Activation of PKA following stimulation of β 2 -adrenoceptors
results in phosphorylation of this receptor and its subsequent
switching from Gα s to Gα i [144,145]. A mechanism by which
Gα s - or Gα i/o -coupled receptors could be diverted towards Gα q/11
coupling is attractive as far as Ca2+ cross-talk is concerned, and
this has been demonstrated for the Gα s -coupled prostacyclin
receptor. Thus PKA-mediated phosphorylation at serine-357 of
the mouse prostacyclin receptor is responsible for switching from
Gα s to Gα i and Gα q [146]. Whether, for example, heterologous
receptor phosphorylation and subsequent G-protein switching
occurs to mediate cross-talk is unknown.
G-protein-coupled receptor cross-talk and Ca2+ signalling
Decrease in GPCR desensitization
Many GPCRs appear to desensitize, either fully or partially,
within seconds of agonist addition. The generally accepted
mechanism for this desensitization is receptor phosphorylation
following agonist activation. If these events are sufficiently rapid
to limit the initial response ([Ca2+ ]i elevation), then a reduction or
prevention of desensitization could potentiate signalling. Furthermore, reducing the desensitization of receptors coupled to Gα i/o
or Gα s could enhance Gβγ -mediated signalling to PLC or, alternatively, allow the receptor to couple more efficiently to Gα q/11 .
GRKs (G-protein-coupled receptor kinases) appear to be key in
the rapid desensitization of the majority of GPCRs, and it is
becoming apparent that the activities of these kinases are also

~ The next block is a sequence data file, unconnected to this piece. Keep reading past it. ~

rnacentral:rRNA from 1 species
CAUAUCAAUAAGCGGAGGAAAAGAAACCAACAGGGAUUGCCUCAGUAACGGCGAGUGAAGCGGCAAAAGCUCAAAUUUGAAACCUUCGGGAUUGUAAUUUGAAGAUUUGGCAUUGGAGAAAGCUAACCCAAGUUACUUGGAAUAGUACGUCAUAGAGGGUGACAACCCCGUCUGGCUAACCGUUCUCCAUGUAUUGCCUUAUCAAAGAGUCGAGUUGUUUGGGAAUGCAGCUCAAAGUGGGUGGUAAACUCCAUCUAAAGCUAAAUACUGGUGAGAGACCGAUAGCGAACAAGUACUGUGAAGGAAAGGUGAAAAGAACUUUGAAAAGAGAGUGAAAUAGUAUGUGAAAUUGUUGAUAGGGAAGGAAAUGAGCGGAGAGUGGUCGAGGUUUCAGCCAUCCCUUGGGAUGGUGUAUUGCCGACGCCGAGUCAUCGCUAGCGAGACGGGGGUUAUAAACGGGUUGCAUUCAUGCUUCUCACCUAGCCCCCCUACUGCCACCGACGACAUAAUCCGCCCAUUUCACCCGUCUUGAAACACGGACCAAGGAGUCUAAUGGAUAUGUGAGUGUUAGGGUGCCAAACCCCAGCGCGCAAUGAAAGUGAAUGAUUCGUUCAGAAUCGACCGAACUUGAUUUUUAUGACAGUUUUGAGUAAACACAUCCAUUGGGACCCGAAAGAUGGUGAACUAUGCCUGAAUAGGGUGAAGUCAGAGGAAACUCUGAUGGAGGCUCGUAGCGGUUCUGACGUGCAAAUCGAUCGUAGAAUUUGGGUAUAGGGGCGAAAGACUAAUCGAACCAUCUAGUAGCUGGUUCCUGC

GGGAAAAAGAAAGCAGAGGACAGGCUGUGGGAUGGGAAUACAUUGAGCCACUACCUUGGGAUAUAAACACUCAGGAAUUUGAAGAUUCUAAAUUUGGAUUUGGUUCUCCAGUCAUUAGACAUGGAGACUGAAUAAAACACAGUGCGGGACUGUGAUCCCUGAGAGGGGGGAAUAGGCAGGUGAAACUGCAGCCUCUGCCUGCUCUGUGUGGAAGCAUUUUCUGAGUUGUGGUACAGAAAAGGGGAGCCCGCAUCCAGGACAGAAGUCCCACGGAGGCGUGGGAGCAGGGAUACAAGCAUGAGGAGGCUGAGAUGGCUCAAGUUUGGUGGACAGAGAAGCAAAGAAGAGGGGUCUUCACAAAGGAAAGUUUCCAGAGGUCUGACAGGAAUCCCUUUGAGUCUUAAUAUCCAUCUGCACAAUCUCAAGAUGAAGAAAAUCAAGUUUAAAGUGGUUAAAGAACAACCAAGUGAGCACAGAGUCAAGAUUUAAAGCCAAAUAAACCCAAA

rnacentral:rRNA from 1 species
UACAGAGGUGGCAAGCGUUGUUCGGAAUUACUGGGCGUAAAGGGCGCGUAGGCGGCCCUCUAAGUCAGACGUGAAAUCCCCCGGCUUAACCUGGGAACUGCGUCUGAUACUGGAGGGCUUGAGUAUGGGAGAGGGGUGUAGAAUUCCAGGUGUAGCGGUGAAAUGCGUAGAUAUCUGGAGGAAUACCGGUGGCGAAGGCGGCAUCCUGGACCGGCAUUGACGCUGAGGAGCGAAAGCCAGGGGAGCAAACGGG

subject to acute regulation. For example, various GRKs are negatively regulated by Ca2+ sensor proteins or calmodulin [147],
providing a potential route for attenuating GPCR desensitization
during elevations of [Ca2+ ]i . Such a model has been partially explored using NCS-1 and the Gα i -coupled dopamine D2 receptor
[148]. Thus NCS-1 has been shown to interact with GRK2, in an
apparently Ca2+ -dependent manner, and this interaction is associated with reduced phosphorylation of the dopamine D2 receptor.
Additionally, receptor internalization is also decreased, while
the ability of receptor activation to inhibit forskolin-stimulated
cAMP accumulation is enhanced. It was argued that such an interaction serves to couple dopamine receptor activation with Ca2+
signalling, and this has clear implications for receptor cross-talk.
Acceleration of GPCR resensitization
An alternative to the inhibition of desensitization leading to crosstalk is to promote receptor resensitization. This could explain
cross-talk in which Ca2+ signalling by a Gα i/o - or Gα s -coupled
GPCR occurs only during the activation of a Gα q/11 -coupled receptor (Figure 1) [2,34,61,149–151]. Accordingly, activation of
the Gα i/o - or Gα s -coupled receptors could accelerate the rate
of resensitization of the Gα q/11 -coupled receptor and allow another
round of Ca2+ signalling. It has been shown for Gα q/11 -coupled